Shares of Ottawa e-commerce platform Shopify Inc. surged nearly 8 per cent to close at $705.90 Wednesday after it revealed growth in its ranks of larger merchants and detailed the billion-dollar rollout of its partly automated warehouse-and-fulfillment network.
The company has become increasingly focused on framing itself as the entrepreneur’s alternative to giants such as Amazon.com Inc. “We will continue to arm the rebels,” chief operating officer Harley Finkelstein told analysts on a conference call Wednesday after the release of Shopify’s fourth-quarter 2019 financial results, which included a rare profit and US$505.2-million in revenue, up 47 per cent over a year earlier.
At times Wednesday morning, volatile trading saw the stock rise almost 20 per cent, sending its market cap higher than the combined value of the other nine top companies in the S&P/TSX Capped Information Technology Index, including Constellation Software Inc., OpenText Corp. and BlackBerry Ltd. As its market cap briefly passed US$62-billion when markets opened, Shopify had more than double the value of decades-old e-commerce rival eBay Inc.
Shopify launched nearly a decade-and-a-half ago as a platform to play host to small retailers’ websites, and has since expanded into a wide range of services for retailers, offering shipping, cash advances and, soon, warehouse services for clients. Last quarter marked its first profit as a public company, according to S&P Capital IQ, although a slight one – US$771,000, or one US cent a share, compared with a loss of US$1.5-million, or one US cent a share, a year earlier.
The Black Friday weekend was a significant boost in the quarter, with nearly US$3-billion in sales processed through the Shopify platform, up 61 per cent from US$1.8-billion a year earlier.
Despite the profit posted in the quarter, company executives do not expect that to last, forecasting a US$324-million to US$344-million operating loss for 2020. But the company also highlighted its ambitious growth plans, including revenue rising to between US$2.13-billion and US$2.16-billion.
This comes as the company saw significant growth to its Plus platform, which powers larger direct-to-consumer retail stores for brands such as clothing chain Mark’s and office-supply chain Staples Canada. Plus accounted for 27 per cent of Shopify’s monthly recurring revenue in the final quarter of 2019, up from a quarter of its MRR a year earlier.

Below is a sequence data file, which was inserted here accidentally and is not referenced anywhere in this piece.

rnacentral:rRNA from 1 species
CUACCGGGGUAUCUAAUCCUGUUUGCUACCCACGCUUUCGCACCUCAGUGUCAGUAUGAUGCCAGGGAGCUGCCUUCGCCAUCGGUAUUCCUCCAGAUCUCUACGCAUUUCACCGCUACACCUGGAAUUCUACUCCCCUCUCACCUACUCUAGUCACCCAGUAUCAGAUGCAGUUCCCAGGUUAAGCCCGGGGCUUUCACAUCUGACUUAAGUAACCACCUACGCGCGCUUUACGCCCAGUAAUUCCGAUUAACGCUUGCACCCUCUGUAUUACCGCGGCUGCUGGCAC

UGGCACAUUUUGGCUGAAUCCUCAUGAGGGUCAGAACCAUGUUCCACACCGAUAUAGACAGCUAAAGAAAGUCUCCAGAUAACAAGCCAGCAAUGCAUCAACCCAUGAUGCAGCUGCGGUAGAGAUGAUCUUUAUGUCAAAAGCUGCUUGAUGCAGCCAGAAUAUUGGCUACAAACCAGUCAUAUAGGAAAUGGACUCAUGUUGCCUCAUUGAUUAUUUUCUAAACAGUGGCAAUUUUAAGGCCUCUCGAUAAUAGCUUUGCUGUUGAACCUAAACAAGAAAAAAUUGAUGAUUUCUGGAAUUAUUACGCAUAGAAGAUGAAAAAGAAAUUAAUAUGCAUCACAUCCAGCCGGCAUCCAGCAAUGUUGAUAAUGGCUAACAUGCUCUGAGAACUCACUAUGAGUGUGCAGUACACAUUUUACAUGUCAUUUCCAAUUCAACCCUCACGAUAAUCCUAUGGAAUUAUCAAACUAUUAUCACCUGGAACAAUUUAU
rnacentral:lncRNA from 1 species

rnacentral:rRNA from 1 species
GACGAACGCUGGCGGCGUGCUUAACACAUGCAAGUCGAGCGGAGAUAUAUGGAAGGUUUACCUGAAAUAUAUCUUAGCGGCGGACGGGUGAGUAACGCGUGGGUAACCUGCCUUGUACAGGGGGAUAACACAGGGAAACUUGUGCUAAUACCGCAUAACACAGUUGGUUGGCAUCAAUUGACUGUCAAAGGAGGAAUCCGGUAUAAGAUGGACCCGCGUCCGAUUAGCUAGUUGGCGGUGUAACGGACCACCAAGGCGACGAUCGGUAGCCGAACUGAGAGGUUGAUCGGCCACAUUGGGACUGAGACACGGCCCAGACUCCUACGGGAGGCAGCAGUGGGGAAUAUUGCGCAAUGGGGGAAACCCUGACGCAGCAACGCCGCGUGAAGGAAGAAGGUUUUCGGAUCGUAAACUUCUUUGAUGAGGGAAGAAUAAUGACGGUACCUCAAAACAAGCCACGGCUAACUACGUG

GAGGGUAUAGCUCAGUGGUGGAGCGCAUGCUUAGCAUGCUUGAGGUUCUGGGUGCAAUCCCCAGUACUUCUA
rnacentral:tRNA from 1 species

Mr. Finkelstein told The Globe and Mail that Plus growth came not just from big merchants signing on, but from smaller retailers building an audience. “Small merchants are also growing really big on our platform – homegrown stories such as Gymshark Ltd. and Allbirds – and leveraging the all-new Shopify Plus platform,” he said.
The company’s compound annual growth rate of total merchants over the past five years was 49 per cent, chief financial officer Amy Shapero said.
Raymond James & Associates analyst Brian Peterson said in a note that while Wednesday’s surge in the share price was surprising, “we still think the long-term outlook for shares looks attractive,” and reiterated an “outperform” rating on the stock.
In an interview, D.J. Hynes of Canaccord Genuity said that Shopify’s growth outlook was better than expected, owing to Plus growth and its international expansion. But he warned that if investor sentiment broadly shifted away from “growth-at-any-price” stocks toward more profitable companies, “this stock would be hit harder in a sell-off.”
Analysts focused on both Plus and the new Shopify Fulfillment Network on the call Wednesday, including the company’s recent acquisition of Boston-area warehouse-robotics company 6 River Systems. One client had already begun to use the company’s new robotics capabilities, Ms. Shapero said, adding that the company was working to expand those capabilities to get goods to customers faster.
The company also revealed details behind a new warehousing and robotics research-and-development centre near its Ottawa headquarters. A “small portion” of its five-year, billion-dollar investment in fulfillment will be dedicated to the facility, Ms. Shapero said, including to test 6 River Systems technology and to learn how to connect its many merchants to the warehousing network.
Shopify announced last month that it is opening an office in Vancouver that is expected to grow to 1,000 employees, taking on Amazon in a war for tech talent there, with the latter expected to hire as many as 10,000 employees in the city. In 2018, Shopify also said it would spend half a billion dollars accommodating thousands of new employees in a Toronto development to be completed in 2022.
“Becoming the top employer in Canada continues to be a focus. We believe investments in innovative areas like our fulfillment network will continue to attract smart and ambitious people to Shopify,” Mr. Finkelstein said.
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